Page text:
Difference between revisions of "2012 AIME I Problems/Problem 13"
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− | Reinterpret the problem in the following manner. Equilateral triangle <math>ABC</math> has a point <math>X</math> on the interior such that <math>AX = 5,</math> <math>BX = 4,</math> and <math>CX = 3.</math> A <math>60^o</math> clockwise rotation about vertex <math>A</math> maps <math>X</math> to <math>X'</math> and <math>C</math> to <math>C'.</math> Note that angle <math>XAX'</math> is <math>60</math> and <math>XA = X'A = 5</math> which tells us that triangle <math>XAX'</math> is equilateral and that <math>XX' = 5.</math> We now notice that <math>XC = 3</math> and <math>X'C = 4</math> which tells us that angle <math>XCX'</math> is <math>90</math> because there is a <math>3</math>-<math>4</math>-<math>5</math> Pythagorean triple. Now note that <math>\angle ABC + \angle ACB = 120</math> and <math>\angle XCA + \angle XBA = 90,</math> so <math>\angle XCB+\angle XBC = 30</math> and <math>\angle BXC = 150.</math> Applying the law of cosines on triangle <math>BXC</math> yields | + | Reinterpret the problem in the following manner. Equilateral triangle <math>ABC</math> has a point <math>X</math> on the interior such that <math>AX = 5,</math> <math>BX = 4,</math> and <math>CX = 3.</math> A <math>60^o</math> counter-clockwise rotation about vertex <math>A</math> maps <math>X</math> to <math>X'</math> and <math>C</math> to <math>C'.</math> Note that angle <math>XAX'</math> is <math>60</math> and <math>XA = X'A = 5</math> which tells us that triangle <math>XAX'</math> is equilateral and that <math>XX' = 5.</math> We now notice that <math>XC = 3</math> and <math>X'C = 4</math> which tells us that angle <math>XCX'</math> is <math>90</math> because there is a <math>3</math>-<math>4</math>-<math>5</math> Pythagorean triple. Now note that <math>\angle ABC + \angle ACB = 120</math> and <math>\angle XCA + \angle XBA = 90,</math> so <math>\angle XCB+\angle XBC = 30</math> and <math>\angle BXC = 150.</math> Applying the law of cosines on triangle <math>BXC</math> yields |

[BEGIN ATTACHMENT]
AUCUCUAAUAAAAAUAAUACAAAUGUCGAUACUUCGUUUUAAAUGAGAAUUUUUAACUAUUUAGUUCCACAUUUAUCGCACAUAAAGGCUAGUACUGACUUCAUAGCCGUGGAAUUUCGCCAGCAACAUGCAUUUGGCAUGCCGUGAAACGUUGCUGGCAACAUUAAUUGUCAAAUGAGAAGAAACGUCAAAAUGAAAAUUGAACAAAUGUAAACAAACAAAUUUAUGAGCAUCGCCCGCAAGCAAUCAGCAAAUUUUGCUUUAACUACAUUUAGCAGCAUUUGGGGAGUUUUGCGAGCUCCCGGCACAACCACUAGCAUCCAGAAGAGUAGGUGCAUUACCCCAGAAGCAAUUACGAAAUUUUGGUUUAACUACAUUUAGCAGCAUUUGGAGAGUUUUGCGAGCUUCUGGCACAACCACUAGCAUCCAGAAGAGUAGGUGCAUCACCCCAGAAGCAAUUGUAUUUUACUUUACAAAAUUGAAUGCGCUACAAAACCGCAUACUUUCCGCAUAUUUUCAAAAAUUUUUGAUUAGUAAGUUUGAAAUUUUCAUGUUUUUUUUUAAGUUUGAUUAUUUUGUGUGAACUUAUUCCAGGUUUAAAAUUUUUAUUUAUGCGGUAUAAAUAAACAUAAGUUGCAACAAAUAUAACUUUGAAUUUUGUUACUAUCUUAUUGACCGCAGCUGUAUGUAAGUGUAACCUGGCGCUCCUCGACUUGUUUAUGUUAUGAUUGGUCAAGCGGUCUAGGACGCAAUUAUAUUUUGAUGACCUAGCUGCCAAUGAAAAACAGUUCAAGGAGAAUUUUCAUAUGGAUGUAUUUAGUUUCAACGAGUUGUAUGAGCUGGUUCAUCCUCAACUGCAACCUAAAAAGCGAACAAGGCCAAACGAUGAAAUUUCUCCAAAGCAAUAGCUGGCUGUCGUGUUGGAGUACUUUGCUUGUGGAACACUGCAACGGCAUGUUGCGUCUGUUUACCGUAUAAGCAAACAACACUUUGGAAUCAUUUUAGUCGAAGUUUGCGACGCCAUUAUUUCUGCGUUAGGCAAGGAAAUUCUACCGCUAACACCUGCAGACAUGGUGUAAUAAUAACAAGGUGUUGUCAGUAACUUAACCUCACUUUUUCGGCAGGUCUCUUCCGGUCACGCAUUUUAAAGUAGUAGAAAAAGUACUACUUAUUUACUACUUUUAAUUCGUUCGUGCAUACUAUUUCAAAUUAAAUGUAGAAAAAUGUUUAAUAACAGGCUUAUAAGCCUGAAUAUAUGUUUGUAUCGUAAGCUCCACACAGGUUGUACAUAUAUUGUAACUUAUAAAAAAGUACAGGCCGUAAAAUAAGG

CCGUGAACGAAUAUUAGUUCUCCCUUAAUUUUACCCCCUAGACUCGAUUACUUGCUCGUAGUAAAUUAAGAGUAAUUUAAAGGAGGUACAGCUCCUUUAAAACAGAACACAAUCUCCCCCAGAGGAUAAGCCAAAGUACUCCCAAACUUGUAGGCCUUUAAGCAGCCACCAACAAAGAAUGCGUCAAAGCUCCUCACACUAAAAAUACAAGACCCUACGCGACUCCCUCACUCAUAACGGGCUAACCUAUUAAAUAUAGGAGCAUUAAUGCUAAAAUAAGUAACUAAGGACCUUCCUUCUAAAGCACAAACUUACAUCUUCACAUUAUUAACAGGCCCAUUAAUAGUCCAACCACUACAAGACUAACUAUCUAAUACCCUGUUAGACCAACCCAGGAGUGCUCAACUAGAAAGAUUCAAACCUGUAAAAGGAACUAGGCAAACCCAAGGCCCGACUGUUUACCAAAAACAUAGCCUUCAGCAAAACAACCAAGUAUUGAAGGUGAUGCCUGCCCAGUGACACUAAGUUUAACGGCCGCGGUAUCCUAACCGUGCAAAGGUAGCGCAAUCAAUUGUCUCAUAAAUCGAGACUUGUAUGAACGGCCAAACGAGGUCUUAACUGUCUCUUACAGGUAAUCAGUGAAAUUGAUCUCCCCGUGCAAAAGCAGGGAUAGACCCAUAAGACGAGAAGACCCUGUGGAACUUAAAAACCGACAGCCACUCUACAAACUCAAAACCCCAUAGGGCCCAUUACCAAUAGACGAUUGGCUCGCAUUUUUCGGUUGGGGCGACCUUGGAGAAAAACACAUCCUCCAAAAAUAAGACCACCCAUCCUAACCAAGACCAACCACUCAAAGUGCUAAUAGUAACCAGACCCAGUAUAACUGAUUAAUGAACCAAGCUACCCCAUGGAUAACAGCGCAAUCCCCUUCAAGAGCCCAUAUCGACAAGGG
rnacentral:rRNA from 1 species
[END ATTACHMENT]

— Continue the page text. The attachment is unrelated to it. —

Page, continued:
<cmath>BC^2 = BX^2+CX^2 - 2 \cdot BX \cdot CX \cdot \cos(150) = 4^2+3^2-24 \cdot \frac{-\sqrt{3}}{2} = 25+12\sqrt{3}</cmath> | <cmath>BC^2 = BX^2+CX^2 - 2 \cdot BX \cdot CX \cdot \cos(150) = 4^2+3^2-24 \cdot \frac{-\sqrt{3}}{2} = 25+12\sqrt{3}</cmath> |
Revision as of 21:01, 27 March 2012
Problem 13
Three concentric circles have radii and An equilateral triangle with one vertex on each circle has side length The largest possible area of the triangle can be written as where and are positive integers, and are relatively prime, and is not divisible by the square of any prime. Find
Solution
Reinterpret the problem in the following manner. Equilateral triangle has a point on the interior such that and A counter-clockwise rotation about vertex maps to and to Note that angle is and which tells us that triangle is equilateral and that We now notice that and which tells us that angle is because there is a -- Pythagorean triple. Now note that and so and Applying the law of cosines on triangle yields
and thus the area of equals
so our final answer is
See also
2012 AIME I (Problems • Answer Key • Resources) | ||
Preceded by Problem 12 |
Followed by Problem 14 | |
1 • 2 • 3 • 4 • 5 • 6 • 7 • 8 • 9 • 10 • 11 • 12 • 13 • 14 • 15 | ||
All AIME Problems and Solutions |